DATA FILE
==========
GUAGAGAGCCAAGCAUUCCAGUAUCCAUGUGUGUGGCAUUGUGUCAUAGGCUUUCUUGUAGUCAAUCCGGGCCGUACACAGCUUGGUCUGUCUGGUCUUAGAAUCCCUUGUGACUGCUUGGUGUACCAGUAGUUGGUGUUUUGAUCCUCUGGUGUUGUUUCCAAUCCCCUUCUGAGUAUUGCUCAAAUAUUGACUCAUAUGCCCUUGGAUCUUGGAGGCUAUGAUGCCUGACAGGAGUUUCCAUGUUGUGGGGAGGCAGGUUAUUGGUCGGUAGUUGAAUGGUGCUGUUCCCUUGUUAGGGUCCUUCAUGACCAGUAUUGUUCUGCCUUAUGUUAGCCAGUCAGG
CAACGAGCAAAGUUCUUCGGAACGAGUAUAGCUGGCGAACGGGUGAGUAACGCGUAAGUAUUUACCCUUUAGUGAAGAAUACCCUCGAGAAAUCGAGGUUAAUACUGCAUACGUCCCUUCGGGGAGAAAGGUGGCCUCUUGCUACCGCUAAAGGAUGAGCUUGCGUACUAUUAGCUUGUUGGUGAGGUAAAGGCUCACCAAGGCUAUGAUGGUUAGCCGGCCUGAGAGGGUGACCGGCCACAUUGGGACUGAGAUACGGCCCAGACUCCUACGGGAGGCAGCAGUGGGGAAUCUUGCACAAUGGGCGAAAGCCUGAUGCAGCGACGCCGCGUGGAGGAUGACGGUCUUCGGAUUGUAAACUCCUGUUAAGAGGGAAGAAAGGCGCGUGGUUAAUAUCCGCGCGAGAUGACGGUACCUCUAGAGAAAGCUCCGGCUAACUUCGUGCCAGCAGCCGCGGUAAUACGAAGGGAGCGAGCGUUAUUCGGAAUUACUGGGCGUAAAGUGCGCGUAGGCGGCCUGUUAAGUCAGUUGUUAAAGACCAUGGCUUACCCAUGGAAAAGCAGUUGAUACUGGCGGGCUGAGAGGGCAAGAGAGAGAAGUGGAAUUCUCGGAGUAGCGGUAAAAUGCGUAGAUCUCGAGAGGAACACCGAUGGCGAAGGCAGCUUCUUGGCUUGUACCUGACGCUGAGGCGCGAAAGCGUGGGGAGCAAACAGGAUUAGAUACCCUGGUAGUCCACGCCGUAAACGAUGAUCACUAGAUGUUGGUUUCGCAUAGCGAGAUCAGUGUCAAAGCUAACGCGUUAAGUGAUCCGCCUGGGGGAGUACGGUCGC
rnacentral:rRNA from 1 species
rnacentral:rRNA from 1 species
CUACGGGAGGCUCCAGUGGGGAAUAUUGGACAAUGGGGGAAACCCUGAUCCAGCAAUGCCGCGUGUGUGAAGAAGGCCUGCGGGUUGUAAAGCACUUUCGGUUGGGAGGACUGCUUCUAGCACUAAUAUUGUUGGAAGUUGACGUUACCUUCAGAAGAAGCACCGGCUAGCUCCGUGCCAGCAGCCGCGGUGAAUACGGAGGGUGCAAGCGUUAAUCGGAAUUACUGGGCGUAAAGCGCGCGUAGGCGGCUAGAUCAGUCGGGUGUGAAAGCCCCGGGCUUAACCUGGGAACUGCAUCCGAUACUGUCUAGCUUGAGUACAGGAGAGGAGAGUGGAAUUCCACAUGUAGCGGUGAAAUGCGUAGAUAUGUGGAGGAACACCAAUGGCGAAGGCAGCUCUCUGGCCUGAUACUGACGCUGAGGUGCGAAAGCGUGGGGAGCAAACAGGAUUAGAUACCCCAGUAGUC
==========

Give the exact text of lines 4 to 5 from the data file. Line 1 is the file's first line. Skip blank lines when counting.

rnacentral:rRNA from 1 species
CUACGGGAGGCUCCAGUGGGGAAUAUUGGACAAUGGGGGAAACCCUGAUCCAGCAAUGCCGCGUGUGUGAAGAAGGCCUGCGGGUUGUAAAGCACUUUCGGUUGGGAGGACUGCUUCUAGCACUAAUAUUGUUGGAAGUUGACGUUACCUUCAGAAGAAGCACCGGCUAGCUCCGUGCCAGCAGCCGCGGUGAAUACGGAGGGUGCAAGCGUUAAUCGGAAUUACUGGGCGUAAAGCGCGCGUAGGCGGCUAGAUCAGUCGGGUGUGAAAGCCCCGGGCUUAACCUGGGAACUGCAUCCGAUACUGUCUAGCUUGAGUACAGGAGAGGAGAGUGGAAUUCCACAUGUAGCGGUGAAAUGCGUAGAUAUGUGGAGGAACACCAAUGGCGAAGGCAGCUCUCUGGCCUGAUACUGACGCUGAGGUGCGAAAGCGUGGGGAGCAAACAGGAUUAGAUACCCCAGUAGUC